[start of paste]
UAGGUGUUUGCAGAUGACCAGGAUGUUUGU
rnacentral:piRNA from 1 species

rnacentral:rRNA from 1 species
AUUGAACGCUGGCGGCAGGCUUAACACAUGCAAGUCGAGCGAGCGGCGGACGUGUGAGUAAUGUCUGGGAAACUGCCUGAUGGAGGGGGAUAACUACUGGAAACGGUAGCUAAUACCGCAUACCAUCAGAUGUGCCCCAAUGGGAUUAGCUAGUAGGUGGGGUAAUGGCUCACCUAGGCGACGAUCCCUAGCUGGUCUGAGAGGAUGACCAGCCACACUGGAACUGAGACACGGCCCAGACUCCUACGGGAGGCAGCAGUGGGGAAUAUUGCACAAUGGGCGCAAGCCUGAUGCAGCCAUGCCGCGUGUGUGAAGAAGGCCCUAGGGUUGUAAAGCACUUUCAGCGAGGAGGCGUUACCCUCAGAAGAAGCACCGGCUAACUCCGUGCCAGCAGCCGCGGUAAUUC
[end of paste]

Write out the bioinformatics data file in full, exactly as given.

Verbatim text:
UAGGUGUUUGCAGAUGACCAGGAUGUUUGU
rnacentral:piRNA from 1 species

rnacentral:rRNA from 1 species
AUUGAACGCUGGCGGCAGGCUUAACACAUGCAAGUCGAGCGAGCGGCGGACGUGUGAGUAAUGUCUGGGAAACUGCCUGAUGGAGGGGGAUAACUACUGGAAACGGUAGCUAAUACCGCAUACCAUCAGAUGUGCCCCAAUGGGAUUAGCUAGUAGGUGGGGUAAUGGCUCACCUAGGCGACGAUCCCUAGCUGGUCUGAGAGGAUGACCAGCCACACUGGAACUGAGACACGGCCCAGACUCCUACGGGAGGCAGCAGUGGGGAAUAUUGCACAAUGGGCGCAAGCCUGAUGCAGCCAUGCCGCGUGUGUGAAGAAGGCCCUAGGGUUGUAAAGCACUUUCAGCGAGGAGGCGUUACCCUCAGAAGAAGCACCGGCUAACUCCGUGCCAGCAGCCGCGGUAAUUC